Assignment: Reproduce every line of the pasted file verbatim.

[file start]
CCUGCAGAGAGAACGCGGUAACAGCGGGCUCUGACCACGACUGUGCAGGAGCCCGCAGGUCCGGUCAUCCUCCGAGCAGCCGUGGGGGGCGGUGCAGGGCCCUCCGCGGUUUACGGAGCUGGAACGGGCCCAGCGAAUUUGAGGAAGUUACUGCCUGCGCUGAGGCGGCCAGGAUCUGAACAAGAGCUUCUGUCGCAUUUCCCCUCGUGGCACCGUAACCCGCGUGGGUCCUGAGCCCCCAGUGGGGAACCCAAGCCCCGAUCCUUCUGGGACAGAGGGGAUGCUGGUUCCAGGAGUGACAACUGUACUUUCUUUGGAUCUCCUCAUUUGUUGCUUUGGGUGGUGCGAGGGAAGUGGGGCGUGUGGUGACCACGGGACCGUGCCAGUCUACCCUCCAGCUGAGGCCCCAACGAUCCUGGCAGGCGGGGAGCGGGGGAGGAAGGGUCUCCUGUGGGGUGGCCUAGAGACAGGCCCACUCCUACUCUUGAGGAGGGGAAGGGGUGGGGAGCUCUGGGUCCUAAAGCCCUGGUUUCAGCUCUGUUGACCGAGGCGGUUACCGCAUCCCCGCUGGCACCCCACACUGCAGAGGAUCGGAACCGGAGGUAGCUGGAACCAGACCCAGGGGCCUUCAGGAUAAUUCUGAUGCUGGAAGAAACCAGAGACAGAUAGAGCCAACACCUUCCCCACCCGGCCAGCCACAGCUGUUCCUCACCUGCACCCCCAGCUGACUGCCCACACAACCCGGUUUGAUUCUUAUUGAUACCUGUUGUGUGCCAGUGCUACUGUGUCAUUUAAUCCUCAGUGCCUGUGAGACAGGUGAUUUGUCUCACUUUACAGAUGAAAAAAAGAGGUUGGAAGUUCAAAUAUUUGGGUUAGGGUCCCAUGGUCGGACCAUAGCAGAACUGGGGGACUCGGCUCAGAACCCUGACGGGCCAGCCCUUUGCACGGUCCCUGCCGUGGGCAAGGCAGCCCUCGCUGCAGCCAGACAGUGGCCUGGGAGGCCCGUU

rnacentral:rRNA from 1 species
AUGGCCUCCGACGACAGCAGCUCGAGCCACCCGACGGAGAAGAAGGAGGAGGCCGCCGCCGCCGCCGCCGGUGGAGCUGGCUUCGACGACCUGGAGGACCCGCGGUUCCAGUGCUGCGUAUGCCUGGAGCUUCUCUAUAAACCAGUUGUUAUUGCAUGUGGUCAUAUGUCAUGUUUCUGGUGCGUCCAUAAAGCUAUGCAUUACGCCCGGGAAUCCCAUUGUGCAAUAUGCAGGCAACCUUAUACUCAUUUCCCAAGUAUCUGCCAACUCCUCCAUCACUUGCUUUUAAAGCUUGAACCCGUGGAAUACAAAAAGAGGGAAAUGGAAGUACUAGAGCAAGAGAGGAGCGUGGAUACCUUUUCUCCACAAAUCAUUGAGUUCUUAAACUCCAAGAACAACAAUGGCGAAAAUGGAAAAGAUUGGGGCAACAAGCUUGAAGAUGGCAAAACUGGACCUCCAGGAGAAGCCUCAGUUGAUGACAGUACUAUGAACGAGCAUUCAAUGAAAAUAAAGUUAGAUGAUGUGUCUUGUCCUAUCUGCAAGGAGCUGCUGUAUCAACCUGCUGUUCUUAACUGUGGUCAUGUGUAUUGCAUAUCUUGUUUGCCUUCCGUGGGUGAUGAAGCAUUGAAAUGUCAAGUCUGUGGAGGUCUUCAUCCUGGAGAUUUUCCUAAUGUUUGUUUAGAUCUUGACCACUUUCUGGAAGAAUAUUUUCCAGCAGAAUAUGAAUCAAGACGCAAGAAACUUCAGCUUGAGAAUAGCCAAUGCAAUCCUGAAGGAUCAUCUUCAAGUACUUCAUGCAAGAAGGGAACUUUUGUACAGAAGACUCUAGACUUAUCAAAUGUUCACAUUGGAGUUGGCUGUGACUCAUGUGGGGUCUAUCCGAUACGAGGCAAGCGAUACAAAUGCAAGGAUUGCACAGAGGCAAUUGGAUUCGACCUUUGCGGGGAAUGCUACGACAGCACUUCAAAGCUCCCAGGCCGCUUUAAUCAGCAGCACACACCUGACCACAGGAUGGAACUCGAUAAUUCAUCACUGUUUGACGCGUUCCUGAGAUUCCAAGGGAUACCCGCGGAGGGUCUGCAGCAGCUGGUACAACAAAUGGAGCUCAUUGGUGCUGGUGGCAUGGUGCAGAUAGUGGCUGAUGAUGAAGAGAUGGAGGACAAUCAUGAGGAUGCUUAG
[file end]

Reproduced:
CCUGCAGAGAGAACGCGGUAACAGCGGGCUCUGACCACGACUGUGCAGGAGCCCGCAGGUCCGGUCAUCCUCCGAGCAGCCGUGGGGGGCGGUGCAGGGCCCUCCGCGGUUUACGGAGCUGGAACGGGCCCAGCGAAUUUGAGGAAGUUACUGCCUGCGCUGAGGCGGCCAGGAUCUGAACAAGAGCUUCUGUCGCAUUUCCCCUCGUGGCACCGUAACCCGCGUGGGUCCUGAGCCCCCAGUGGGGAACCCAAGCCCCGAUCCUUCUGGGACAGAGGGGAUGCUGGUUCCAGGAGUGACAACUGUACUUUCUUUGGAUCUCCUCAUUUGUUGCUUUGGGUGGUGCGAGGGAAGUGGGGCGUGUGGUGACCACGGGACCGUGCCAGUCUACCCUCCAGCUGAGGCCCCAACGAUCCUGGCAGGCGGGGAGCGGGGGAGGAAGGGUCUCCUGUGGGGUGGCCUAGAGACAGGCCCACUCCUACUCUUGAGGAGGGGAAGGGGUGGGGAGCUCUGGGUCCUAAAGCCCUGGUUUCAGCUCUGUUGACCGAGGCGGUUACCGCAUCCCCGCUGGCACCCCACACUGCAGAGGAUCGGAACCGGAGGUAGCUGGAACCAGACCCAGGGGCCUUCAGGAUAAUUCUGAUGCUGGAAGAAACCAGAGACAGAUAGAGCCAACACCUUCCCCACCCGGCCAGCCACAGCUGUUCCUCACCUGCACCCCCAGCUGACUGCCCACACAACCCGGUUUGAUUCUUAUUGAUACCUGUUGUGUGCCAGUGCUACUGUGUCAUUUAAUCCUCAGUGCCUGUGAGACAGGUGAUUUGUCUCACUUUACAGAUGAAAAAAAGAGGUUGGAAGUUCAAAUAUUUGGGUUAGGGUCCCAUGGUCGGACCAUAGCAGAACUGGGGGACUCGGCUCAGAACCCUGACGGGCCAGCCCUUUGCACGGUCCCUGCCGUGGGCAAGGCAGCCCUCGCUGCAGCCAGACAGUGGCCUGGGAGGCCCGUU

rnacentral:rRNA from 1 species
AUGGCCUCCGACGACAGCAGCUCGAGCCACCCGACGGAGAAGAAGGAGGAGGCCGCCGCCGCCGCCGCCGGUGGAGCUGGCUUCGACGACCUGGAGGACCCGCGGUUCCAGUGCUGCGUAUGCCUGGAGCUUCUCUAUAAACCAGUUGUUAUUGCAUGUGGUCAUAUGUCAUGUUUCUGGUGCGUCCAUAAAGCUAUGCAUUACGCCCGGGAAUCCCAUUGUGCAAUAUGCAGGCAACCUUAUACUCAUUUCCCAAGUAUCUGCCAACUCCUCCAUCACUUGCUUUUAAAGCUUGAACCCGUGGAAUACAAAAAGAGGGAAAUGGAAGUACUAGAGCAAGAGAGGAGCGUGGAUACCUUUUCUCCACAAAUCAUUGAGUUCUUAAACUCCAAGAACAACAAUGGCGAAAAUGGAAAAGAUUGGGGCAACAAGCUUGAAGAUGGCAAAACUGGACCUCCAGGAGAAGCCUCAGUUGAUGACAGUACUAUGAACGAGCAUUCAAUGAAAAUAAAGUUAGAUGAUGUGUCUUGUCCUAUCUGCAAGGAGCUGCUGUAUCAACCUGCUGUUCUUAACUGUGGUCAUGUGUAUUGCAUAUCUUGUUUGCCUUCCGUGGGUGAUGAAGCAUUGAAAUGUCAAGUCUGUGGAGGUCUUCAUCCUGGAGAUUUUCCUAAUGUUUGUUUAGAUCUUGACCACUUUCUGGAAGAAUAUUUUCCAGCAGAAUAUGAAUCAAGACGCAAGAAACUUCAGCUUGAGAAUAGCCAAUGCAAUCCUGAAGGAUCAUCUUCAAGUACUUCAUGCAAGAAGGGAACUUUUGUACAGAAGACUCUAGACUUAUCAAAUGUUCACAUUGGAGUUGGCUGUGACUCAUGUGGGGUCUAUCCGAUACGAGGCAAGCGAUACAAAUGCAAGGAUUGCACAGAGGCAAUUGGAUUCGACCUUUGCGGGGAAUGCUACGACAGCACUUCAAAGCUCCCAGGCCGCUUUAAUCAGCAGCACACACCUGACCACAGGAUGGAACUCGAUAAUUCAUCACUGUUUGACGCGUUCCUGAGAUUCCAAGGGAUACCCGCGGAGGGUCUGCAGCAGCUGGUACAACAAAUGGAGCUCAUUGGUGCUGGUGGCAUGGUGCAGAUAGUGGCUGAUGAUGAAGAGAUGGAGGACAAUCAUGAGGAUGCUUAG